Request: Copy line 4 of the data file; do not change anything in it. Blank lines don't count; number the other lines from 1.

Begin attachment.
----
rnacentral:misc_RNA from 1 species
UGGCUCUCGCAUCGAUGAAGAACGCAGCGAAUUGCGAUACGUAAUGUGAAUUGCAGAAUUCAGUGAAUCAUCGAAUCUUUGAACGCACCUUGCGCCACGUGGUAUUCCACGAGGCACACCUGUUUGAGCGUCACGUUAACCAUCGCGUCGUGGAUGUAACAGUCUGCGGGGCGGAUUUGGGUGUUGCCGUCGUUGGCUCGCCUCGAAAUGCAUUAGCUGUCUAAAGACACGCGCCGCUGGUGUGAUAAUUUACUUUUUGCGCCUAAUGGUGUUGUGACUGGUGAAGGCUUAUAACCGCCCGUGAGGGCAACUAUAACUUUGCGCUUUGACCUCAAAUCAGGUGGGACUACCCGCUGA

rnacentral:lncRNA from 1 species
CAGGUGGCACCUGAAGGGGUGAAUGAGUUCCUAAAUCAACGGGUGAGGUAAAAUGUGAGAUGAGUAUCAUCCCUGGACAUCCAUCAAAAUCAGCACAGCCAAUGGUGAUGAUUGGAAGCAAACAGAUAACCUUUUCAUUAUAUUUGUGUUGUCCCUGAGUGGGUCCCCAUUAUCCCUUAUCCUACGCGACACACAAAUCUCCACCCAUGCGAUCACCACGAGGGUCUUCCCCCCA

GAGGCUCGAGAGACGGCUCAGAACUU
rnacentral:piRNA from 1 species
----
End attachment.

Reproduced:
CAGGUGGCACCUGAAGGGGUGAAUGAGUUCCUAAAUCAACGGGUGAGGUAAAAUGUGAGAUGAGUAUCAUCCCUGGACAUCCAUCAAAAUCAGCACAGCCAAUGGUGAUGAUUGGAAGCAAACAGAUAACCUUUUCAUUAUAUUUGUGUUGUCCCUGAGUGGGUCCCCAUUAUCCCUUAUCCUACGCGACACACAAAUCUCCACCCAUGCGAUCACCACGAGGGUCUUCCCCCCA